‘Once again, we would like to offer our sincere appreciation for the patience and understanding being shown towards our family at this very difficult time.’

The statement added that at present there are no plans to move Bianchi to a different hospital:-

‘We also continue to be comforted by the knowledge that Jules is receiving the best possible care at the Mie General Medical Center, with the doctors here remaining in constant contact with the neurosurgeons at the University La Sapienza of Rome, and Professor Gerard Saillant, President of the FIA Medical Commission.

‘We will provide a further update when it is appropriate to do so. In the meantime, thank you to everyone who continues to keep Jules in their thoughts and prayers.’

Even though this is a difficult time for the Bianchi family, his friends and his colleagues, it is nice to see the F1 Family supporting and thinking of the family who I simply cannot imagine what they are going through right now. It is clear from the statement made by the Bianchi family that Jules has the best possible medical care that he could have and the medical team will be doing everything they can for Jules and also for the family too and will released further information as and when they feel it is right to do so.

I will keep you updated with Bianchi as soon as we receive something official from the hospital, Bianchi’s family, the Marussia team or any official publication such as Autosport. But our main concern and priority right now is that Jules is okay after his accident and that he is as well as he can be under these difficult circumstances.

All I can say is that our thoughts and with the Bianchi family, his friends and colleagues during this sad and difficult time. And we are all behind you Jules and keep fighting. #ForzaJules

2014 Track Preview: United States Grand Prix, Austin

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All rights reserved to http://www.f1mix.com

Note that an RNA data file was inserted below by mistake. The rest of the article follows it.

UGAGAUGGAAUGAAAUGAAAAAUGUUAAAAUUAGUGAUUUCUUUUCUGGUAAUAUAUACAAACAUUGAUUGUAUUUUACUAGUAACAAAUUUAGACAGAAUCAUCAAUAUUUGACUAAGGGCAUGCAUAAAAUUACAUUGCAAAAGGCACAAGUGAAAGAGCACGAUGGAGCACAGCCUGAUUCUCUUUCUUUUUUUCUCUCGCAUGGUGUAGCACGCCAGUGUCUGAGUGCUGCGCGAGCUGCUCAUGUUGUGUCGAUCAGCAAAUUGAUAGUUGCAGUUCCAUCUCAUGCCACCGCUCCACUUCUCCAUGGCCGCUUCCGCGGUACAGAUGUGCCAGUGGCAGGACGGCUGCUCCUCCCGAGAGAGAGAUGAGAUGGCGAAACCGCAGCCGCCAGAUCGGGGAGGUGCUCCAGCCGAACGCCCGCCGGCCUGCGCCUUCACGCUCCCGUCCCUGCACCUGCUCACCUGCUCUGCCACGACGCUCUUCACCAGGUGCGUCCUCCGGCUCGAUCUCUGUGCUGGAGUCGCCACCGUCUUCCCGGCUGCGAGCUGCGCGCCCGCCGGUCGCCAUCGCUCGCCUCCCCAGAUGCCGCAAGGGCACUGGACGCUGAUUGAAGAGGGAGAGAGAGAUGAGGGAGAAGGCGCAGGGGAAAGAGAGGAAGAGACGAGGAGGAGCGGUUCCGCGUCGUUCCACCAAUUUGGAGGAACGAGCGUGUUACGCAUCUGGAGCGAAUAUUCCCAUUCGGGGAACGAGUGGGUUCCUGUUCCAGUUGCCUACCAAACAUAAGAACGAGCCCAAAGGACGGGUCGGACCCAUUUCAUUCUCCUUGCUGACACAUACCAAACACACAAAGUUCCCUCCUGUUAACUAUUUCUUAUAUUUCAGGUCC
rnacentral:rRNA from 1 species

Lewis Hamilton wins the inaugural Russian Grand Prix, with Nico Rosberg in second place and Valtteri Bottas taking the final place on the podium. McLaren, Ferrari and Force India have managed to build on their strong performances since the last Grand Prix.

Heading into the Grand Prix with the news Caterham and Marussia will both miss the United States Grand Prix due to both teams entering administration means the Austin race is set to feature the smallest F1 grid in nearly a decade.

Caterham and Marussia were both placed under administration in the space of five days in the weeks following the Russian Grand Prix, meaning just 18 cars will line up for the race in Austin. The 2005 Monaco Grand Prix was the last time 18 cars started a race in Formula One as BAR Honda completed its two-race ban for running an underweight car in San Marino.

Let us not forget that F1 has previous when it comes to a limited number of cars running in the United States; the controversial 2005 race saw just six cars start the race after Michelin’s entrants pulled out at the end of the formation lap due to a dispute over safety at the Indianapolis Speedway.

The United States Grand Prix is an event that has been become extremely popular very quickly since arriving on the calendar. Everyone loves the city, the atmosphere and also the track. We do see a lot of Mexican supporters at this race cheering on Sergio Perez and Esteban Guiterrez.

The circuit has a lot of elevation changes and the high-speed changes of directions means the cars need to have a good set up. The circuit has medium to low brake energy but braking and high-speed stability are important for good lap times.

The first corner is impressive and it is not an easy corner. The drivers love the first sector of the track due to the tricky off-camber corners. In the middle of the lap, you have two major corners where you are breaking and turning at the same time, so you need to make sure your front tyres don’t lock up to ruin your lap time and also stability in the rear so you don’t lose the car either.